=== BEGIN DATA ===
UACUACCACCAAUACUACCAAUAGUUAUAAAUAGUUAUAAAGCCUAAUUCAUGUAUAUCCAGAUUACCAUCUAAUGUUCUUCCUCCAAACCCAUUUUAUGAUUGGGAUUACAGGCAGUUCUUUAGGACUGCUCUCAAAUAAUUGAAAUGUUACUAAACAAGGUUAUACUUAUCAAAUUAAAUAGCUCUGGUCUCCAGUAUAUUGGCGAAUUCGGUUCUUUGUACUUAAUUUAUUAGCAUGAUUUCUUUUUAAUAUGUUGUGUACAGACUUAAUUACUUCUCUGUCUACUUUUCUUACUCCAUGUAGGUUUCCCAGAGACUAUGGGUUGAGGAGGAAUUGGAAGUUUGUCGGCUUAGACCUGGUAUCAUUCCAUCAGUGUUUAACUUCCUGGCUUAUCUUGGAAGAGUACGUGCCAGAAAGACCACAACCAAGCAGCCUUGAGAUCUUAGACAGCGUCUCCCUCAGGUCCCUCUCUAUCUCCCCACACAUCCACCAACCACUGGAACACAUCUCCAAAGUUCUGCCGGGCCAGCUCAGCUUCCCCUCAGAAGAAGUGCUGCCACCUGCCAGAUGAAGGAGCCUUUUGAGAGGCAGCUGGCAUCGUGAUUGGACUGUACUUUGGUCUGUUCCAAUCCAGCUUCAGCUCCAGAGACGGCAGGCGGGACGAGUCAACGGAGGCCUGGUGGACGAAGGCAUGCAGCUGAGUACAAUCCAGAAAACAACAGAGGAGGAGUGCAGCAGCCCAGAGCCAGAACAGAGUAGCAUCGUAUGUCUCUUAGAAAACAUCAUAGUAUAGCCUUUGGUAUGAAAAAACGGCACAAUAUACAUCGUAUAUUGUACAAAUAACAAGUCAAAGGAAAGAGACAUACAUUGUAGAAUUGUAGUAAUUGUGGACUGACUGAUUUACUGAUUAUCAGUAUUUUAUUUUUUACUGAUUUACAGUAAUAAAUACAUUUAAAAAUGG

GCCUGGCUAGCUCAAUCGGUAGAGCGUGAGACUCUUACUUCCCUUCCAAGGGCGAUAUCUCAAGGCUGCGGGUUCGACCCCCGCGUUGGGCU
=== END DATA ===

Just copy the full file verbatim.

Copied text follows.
UACUACCACCAAUACUACCAAUAGUUAUAAAUAGUUAUAAAGCCUAAUUCAUGUAUAUCCAGAUUACCAUCUAAUGUUCUUCCUCCAAACCCAUUUUAUGAUUGGGAUUACAGGCAGUUCUUUAGGACUGCUCUCAAAUAAUUGAAAUGUUACUAAACAAGGUUAUACUUAUCAAAUUAAAUAGCUCUGGUCUCCAGUAUAUUGGCGAAUUCGGUUCUUUGUACUUAAUUUAUUAGCAUGAUUUCUUUUUAAUAUGUUGUGUACAGACUUAAUUACUUCUCUGUCUACUUUUCUUACUCCAUGUAGGUUUCCCAGAGACUAUGGGUUGAGGAGGAAUUGGAAGUUUGUCGGCUUAGACCUGGUAUCAUUCCAUCAGUGUUUAACUUCCUGGCUUAUCUUGGAAGAGUACGUGCCAGAAAGACCACAACCAAGCAGCCUUGAGAUCUUAGACAGCGUCUCCCUCAGGUCCCUCUCUAUCUCCCCACACAUCCACCAACCACUGGAACACAUCUCCAAAGUUCUGCCGGGCCAGCUCAGCUUCCCCUCAGAAGAAGUGCUGCCACCUGCCAGAUGAAGGAGCCUUUUGAGAGGCAGCUGGCAUCGUGAUUGGACUGUACUUUGGUCUGUUCCAAUCCAGCUUCAGCUCCAGAGACGGCAGGCGGGACGAGUCAACGGAGGCCUGGUGGACGAAGGCAUGCAGCUGAGUACAAUCCAGAAAACAACAGAGGAGGAGUGCAGCAGCCCAGAGCCAGAACAGAGUAGCAUCGUAUGUCUCUUAGAAAACAUCAUAGUAUAGCCUUUGGUAUGAAAAAACGGCACAAUAUACAUCGUAUAUUGUACAAAUAACAAGUCAAAGGAAAGAGACAUACAUUGUAGAAUUGUAGUAAUUGUGGACUGACUGAUUUACUGAUUAUCAGUAUUUUAUUUUUUACUGAUUUACAGUAAUAAAUACAUUUAAAAAUGG

GCCUGGCUAGCUCAAUCGGUAGAGCGUGAGACUCUUACUUCCCUUCCAAGGGCGAUAUCUCAAGGCUGCGGGUUCGACCCCCGCGUUGGGCU